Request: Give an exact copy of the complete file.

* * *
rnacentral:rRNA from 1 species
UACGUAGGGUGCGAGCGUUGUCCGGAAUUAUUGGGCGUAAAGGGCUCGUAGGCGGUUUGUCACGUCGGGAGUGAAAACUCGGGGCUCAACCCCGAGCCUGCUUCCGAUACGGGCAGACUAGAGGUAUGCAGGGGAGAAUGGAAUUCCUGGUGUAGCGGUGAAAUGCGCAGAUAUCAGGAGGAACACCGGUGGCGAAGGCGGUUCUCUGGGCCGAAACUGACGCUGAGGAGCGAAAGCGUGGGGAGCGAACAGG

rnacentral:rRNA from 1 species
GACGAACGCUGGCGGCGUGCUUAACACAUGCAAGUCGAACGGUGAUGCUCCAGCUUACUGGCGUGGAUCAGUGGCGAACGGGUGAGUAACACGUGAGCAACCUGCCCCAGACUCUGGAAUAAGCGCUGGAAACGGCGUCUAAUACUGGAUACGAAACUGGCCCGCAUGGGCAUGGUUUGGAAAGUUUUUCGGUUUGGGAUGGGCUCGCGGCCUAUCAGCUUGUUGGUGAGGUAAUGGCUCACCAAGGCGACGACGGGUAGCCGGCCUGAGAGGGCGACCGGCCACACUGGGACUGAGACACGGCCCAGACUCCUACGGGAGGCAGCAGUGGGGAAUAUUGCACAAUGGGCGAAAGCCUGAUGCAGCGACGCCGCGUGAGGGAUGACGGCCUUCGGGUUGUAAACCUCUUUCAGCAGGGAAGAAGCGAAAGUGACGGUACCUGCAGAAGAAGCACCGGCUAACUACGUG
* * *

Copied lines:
rnacentral:rRNA from 1 species
UACGUAGGGUGCGAGCGUUGUCCGGAAUUAUUGGGCGUAAAGGGCUCGUAGGCGGUUUGUCACGUCGGGAGUGAAAACUCGGGGCUCAACCCCGAGCCUGCUUCCGAUACGGGCAGACUAGAGGUAUGCAGGGGAGAAUGGAAUUCCUGGUGUAGCGGUGAAAUGCGCAGAUAUCAGGAGGAACACCGGUGGCGAAGGCGGUUCUCUGGGCCGAAACUGACGCUGAGGAGCGAAAGCGUGGGGAGCGAACAGG

rnacentral:rRNA from 1 species
GACGAACGCUGGCGGCGUGCUUAACACAUGCAAGUCGAACGGUGAUGCUCCAGCUUACUGGCGUGGAUCAGUGGCGAACGGGUGAGUAACACGUGAGCAACCUGCCCCAGACUCUGGAAUAAGCGCUGGAAACGGCGUCUAAUACUGGAUACGAAACUGGCCCGCAUGGGCAUGGUUUGGAAAGUUUUUCGGUUUGGGAUGGGCUCGCGGCCUAUCAGCUUGUUGGUGAGGUAAUGGCUCACCAAGGCGACGACGGGUAGCCGGCCUGAGAGGGCGACCGGCCACACUGGGACUGAGACACGGCCCAGACUCCUACGGGAGGCAGCAGUGGGGAAUAUUGCACAAUGGGCGAAAGCCUGAUGCAGCGACGCCGCGUGAGGGAUGACGGCCUUCGGGUUGUAAACCUCUUUCAGCAGGGAAGAAGCGAAAGUGACGGUACCUGCAGAAGAAGCACCGGCUAACUACGUG